Practical, unassuming Jane Shoringfield has done the calculations, and decided that the most secure path forward is this: a husband, in a marriage of convenience, who will allow her to remain independent and occupied with meaningful work. Her first choice, the dashing but reclusive doctor Augustine Lawrence, agrees to her proposal with only one condition: that she must never visit Lindridge Hall, his crumbling family manor outside of town. Yet on their wedding night, an accident strands her at his door in a pitch-black rainstorm, and she finds him changed. Gone is the bold, courageous surgeon, and in his place is a terrified, paranoid man—one who cannot tell reality from nightmare, and fears Jane is an apparition, come to haunt him. By morning, Augustine is himself again, but Jane knows something is deeply wrong at Lindridge Hall, and with the man she has so hastily bound her safety to.
I was certainly intrigued by what this book was about. And the cover is haunting, making me want to read it even more. A practical woman finds herself a practical marriage with a practical man. But what their house holds is anything but practical. It sounded like a twist on the classic haunted house story, and I was very curious to see what would happen and what I would think of it!
Travis Wren has an unusual talent for locating missing people. Hired by families as a last resort, he requires only a single object to find the person who has vanished. When he takes on the case of Maggie St. James—a well-known author of dark, macabre children’s books—he’s led to a place many believed to be only a legend. Called Pastoral, this reclusive community was founded in the 1970s by like-minded people searching for a simpler way of life. By all accounts, the commune shouldn’t exist anymore and soon after Travis stumbles upon it…he disappears. Just like Maggie St. James. Years later, Theo, a lifelong member of Pastoral, discovers Travis’s abandoned truck beyond the border of the community. No one is allowed in or out, not when there’s a risk of bringing a disease—rot—into Pastoral. Unraveling the mystery of what happened reveals secrets that Theo, his wife, Calla, and her sister, Bee, keep from one another. Secrets that prove their perfect, isolated world isn’t as safe as they believed—and that darkness takes many forms.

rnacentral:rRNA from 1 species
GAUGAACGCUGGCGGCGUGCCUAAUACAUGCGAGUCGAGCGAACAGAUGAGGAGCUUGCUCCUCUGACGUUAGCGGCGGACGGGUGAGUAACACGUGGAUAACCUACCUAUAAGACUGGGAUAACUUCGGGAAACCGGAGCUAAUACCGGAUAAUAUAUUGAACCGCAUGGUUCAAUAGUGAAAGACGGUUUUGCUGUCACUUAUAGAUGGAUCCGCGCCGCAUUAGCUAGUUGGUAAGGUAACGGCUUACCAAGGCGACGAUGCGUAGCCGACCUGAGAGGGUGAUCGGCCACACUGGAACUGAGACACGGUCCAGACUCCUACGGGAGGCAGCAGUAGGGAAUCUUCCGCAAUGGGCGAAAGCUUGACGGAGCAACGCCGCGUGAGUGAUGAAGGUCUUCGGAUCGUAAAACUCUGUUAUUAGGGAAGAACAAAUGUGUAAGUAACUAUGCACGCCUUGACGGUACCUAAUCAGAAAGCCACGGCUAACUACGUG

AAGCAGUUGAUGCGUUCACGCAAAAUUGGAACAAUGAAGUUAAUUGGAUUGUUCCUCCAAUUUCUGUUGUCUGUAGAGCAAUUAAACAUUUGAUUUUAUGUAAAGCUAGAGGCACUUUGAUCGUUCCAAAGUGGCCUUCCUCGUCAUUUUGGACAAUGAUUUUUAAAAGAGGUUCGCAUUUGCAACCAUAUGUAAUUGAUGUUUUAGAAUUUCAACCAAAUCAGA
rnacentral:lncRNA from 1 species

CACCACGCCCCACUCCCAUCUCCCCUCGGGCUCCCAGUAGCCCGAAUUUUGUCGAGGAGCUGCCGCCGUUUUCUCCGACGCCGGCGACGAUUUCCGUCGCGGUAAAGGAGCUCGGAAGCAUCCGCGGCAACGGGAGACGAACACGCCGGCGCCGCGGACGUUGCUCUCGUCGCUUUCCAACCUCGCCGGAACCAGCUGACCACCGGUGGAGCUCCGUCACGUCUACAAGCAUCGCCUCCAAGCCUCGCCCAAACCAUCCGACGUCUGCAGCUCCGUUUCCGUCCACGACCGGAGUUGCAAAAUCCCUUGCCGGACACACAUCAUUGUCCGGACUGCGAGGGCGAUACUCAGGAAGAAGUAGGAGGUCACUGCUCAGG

I have friends who are huge Shea Ernshaw fans, and that made incredibly eager to read her books. On top of that, this one sounded incredibly intriguing. Missing people becoming missing from searching for missing people. A reclusive community with a rotting disease keeping them secluded, and secrets building on secrets. I sounded like something I would really like, and I was eager to see what I would think! Trigger warnings: mentions of suicide, grief, blood
In 1345, China lies under harsh Mongol rule. For the starving peasants of the Central Plains, greatness is something found only in stories. When the Zhu family’s eighth-born son, Zhu Chongba, is given a fate of greatness, everyone is mystified as to how it will come to pass. The fate of nothingness received by the family’s clever and capable second daughter, on the other hand, is only as expected. When a bandit attack orphans the two children, though, it is Zhu Chongba who succumbs to despair and dies. Desperate to escape her own fated death, the girl uses her brother’s identity to enter a monastery as a young male novice. There, propelled by her burning desire to survive, Zhu learns she is capable of doing whatever it takes, no matter how callous, to stay hidden from her fate. After her sanctuary is destroyed for supporting the rebellion against Mongol rule, Zhu takes the chance to claim another future altogether: her brother’s abandoned greatness.
Before I even knew what this book was about, I had seen so much hype for it online. It seemed like everybody was excited for it! My excitement really kicked in when I found out that the two main characters were genderqueer, and then I found out the synopsis, and I was just a pumped about this book as everybody else. A girl who refuses to be nothing; she assumes the role of a boy and takes on her brother’s fate: greatness. Heck yeah, I really wanted to read this book. Trigger warnings
As the only Second Daughter born in centuries, Red has one purpose-to be sacrificed to the Wolf in the Wood in the hope he’ll return the world’s captured gods. Red is almost relieved to go. Plagued by a dangerous power she can’t control, at least she knows that in the Wilderwood, she can’t hurt those she loves. Again. But the legends lie. The Wolf is a man, not a monster. Her magic is a calling, not a curse. And if she doesn’t learn how to use it, the monsters the gods have become will swallow the Wilderwood-and her world-whole.